'Road Racers' filmmaker David Wallace remembers Joey Dunlop as 'the ultimate professional, just getting on with his craft'
Northern Ireland filmmaker David Wallace’s famous 1977 documentary ‘The Road Racers’ offers a priceless insight into Joey Dunlop’s early racing days with the legendary Armoy Armada.
Over four decades on, the film resonates as much now as it did when it was finally aired on television in 1980 – perhaps even more so – providing a window into a golden era when Irish road racing was in its heyday.
Wallace, who hails originally from Dunloy in Co. Antrim, was inspired to tell the story of the courageous men behind the helmets after attending the North West 200 and Ulster Grand Prix as a young schoolboy. He was working as an assistant director with the BBC in London when he pursued his idea of making a documentary about road racers back home in Northern Ireland.
The BBC was uninterested but he was determined to make the programme himself, ‘whatever the personal cost’.
A grant from the Ulster Arts Council with no strings attached proved invaluable and the 26-year-old was able to complete the documentary, which was eventually broadcast on BBC One Northern Ireland before being shown nationwide on BBC Two.
Wallace, who later produced two BAFTA-winning films for the BBC – The Last African Flying Boat and Great River Journeys of the World – was granted intimate access to the lives of the Armoy Armada, which at the time consisted of Joey, Mervyn Robinson and Frank Kennedy.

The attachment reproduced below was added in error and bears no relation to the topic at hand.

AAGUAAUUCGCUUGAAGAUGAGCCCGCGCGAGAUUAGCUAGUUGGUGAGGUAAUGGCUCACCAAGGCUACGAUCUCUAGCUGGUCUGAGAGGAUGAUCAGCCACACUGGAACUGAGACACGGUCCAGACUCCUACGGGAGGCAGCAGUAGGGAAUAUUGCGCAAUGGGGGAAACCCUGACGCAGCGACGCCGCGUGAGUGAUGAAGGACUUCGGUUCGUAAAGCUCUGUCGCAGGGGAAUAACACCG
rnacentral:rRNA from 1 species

Here, he provides a candid account of his memories of working with Joey during that season in 1977.
KW: What was that first meeting like with Joey and the ‘Armada’ when you pitched your idea for the film?
DW: Mervyn set up a meeting in a pub with all three. Lots of vodka and coke, not the Guinness I had imagined. Mervyn and Frank did most of the talking. Joey held back, one-word answers mostly, but perfectly polite and the occasional smile. The others would check with him if I asked about what they could arrange for me to film. Many of his responses were simply a nod of the head. Joey was going along with this because his best friends wanted to do it. He could live without it, but I was never refused anything.
KW: What was it that struck you most about Joey’s character?
DW: I was born within 10 miles of Armoy, so I knew not to expect too much outward enthusiasm at the first meeting. At first, I assumed he was just shy or wary of this apparent ‘English’ outsider. But in the end, I believe that he was just so focused on what he did that a film crew were just a distraction. The quiet steely resolve wrapped up in North Antrim reserve was the lasting impression.
KW: How was Joey in front of the camera?
DW: There were no interviews as such, mainly because film stock was too expensive for long chats. I just filmed what they did and their conversations and interactions. So mostly Joey was silent, but that worked fine: he was the ultimate professional, just getting on with his craft.
KW: Joey famously shunned the limelight, so how accommodating was he with any requests made during filming?
DW: He never said ‘no’ to any request, but you knew he had better things to do, so it was best to be as efficient and quick as possible. Just once he said, “I’m only going to do this once, so you’d better be ready.” Fair enough, he just wanted us to be as professional in our craft as he was in his.